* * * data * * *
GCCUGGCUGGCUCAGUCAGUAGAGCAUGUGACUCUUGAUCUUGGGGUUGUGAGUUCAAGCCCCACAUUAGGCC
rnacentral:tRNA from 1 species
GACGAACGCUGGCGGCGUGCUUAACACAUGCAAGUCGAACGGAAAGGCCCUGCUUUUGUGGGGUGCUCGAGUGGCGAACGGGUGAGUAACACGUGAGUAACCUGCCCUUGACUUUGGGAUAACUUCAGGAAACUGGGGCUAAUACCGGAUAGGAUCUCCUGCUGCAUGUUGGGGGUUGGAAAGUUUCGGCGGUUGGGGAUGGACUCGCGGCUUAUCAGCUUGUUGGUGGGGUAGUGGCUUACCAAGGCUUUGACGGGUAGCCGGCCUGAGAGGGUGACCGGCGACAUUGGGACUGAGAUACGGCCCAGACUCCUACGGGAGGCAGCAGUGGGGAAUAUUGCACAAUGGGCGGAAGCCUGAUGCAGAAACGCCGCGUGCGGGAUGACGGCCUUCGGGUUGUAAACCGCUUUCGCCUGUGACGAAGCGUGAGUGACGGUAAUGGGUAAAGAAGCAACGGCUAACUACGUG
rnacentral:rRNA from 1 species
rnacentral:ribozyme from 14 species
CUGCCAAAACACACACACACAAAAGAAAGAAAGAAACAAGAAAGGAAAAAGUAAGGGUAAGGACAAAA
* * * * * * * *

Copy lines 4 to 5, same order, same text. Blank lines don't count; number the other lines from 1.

rnacentral:rRNA from 1 species
rnacentral:ribozyme from 14 species